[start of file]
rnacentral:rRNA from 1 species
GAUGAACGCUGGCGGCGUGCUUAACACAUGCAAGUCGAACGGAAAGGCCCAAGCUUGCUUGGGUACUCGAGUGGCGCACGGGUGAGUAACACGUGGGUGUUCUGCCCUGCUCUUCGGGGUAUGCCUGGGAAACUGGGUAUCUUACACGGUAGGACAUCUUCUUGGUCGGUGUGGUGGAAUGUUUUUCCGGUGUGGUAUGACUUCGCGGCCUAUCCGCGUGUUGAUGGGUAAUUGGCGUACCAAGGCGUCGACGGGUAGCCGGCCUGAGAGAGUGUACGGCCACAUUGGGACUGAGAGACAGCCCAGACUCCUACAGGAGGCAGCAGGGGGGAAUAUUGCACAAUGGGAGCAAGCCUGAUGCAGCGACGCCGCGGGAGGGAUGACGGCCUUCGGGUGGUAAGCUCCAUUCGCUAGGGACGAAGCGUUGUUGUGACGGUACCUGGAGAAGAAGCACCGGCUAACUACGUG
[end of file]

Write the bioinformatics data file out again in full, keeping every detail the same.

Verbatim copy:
rnacentral:rRNA from 1 species
GAUGAACGCUGGCGGCGUGCUUAACACAUGCAAGUCGAACGGAAAGGCCCAAGCUUGCUUGGGUACUCGAGUGGCGCACGGGUGAGUAACACGUGGGUGUUCUGCCCUGCUCUUCGGGGUAUGCCUGGGAAACUGGGUAUCUUACACGGUAGGACAUCUUCUUGGUCGGUGUGGUGGAAUGUUUUUCCGGUGUGGUAUGACUUCGCGGCCUAUCCGCGUGUUGAUGGGUAAUUGGCGUACCAAGGCGUCGACGGGUAGCCGGCCUGAGAGAGUGUACGGCCACAUUGGGACUGAGAGACAGCCCAGACUCCUACAGGAGGCAGCAGGGGGGAAUAUUGCACAAUGGGAGCAAGCCUGAUGCAGCGACGCCGCGGGAGGGAUGACGGCCUUCGGGUGGUAAGCUCCAUUCGCUAGGGACGAAGCGUUGUUGUGACGGUACCUGGAGAAGAAGCACCGGCUAACUACGUG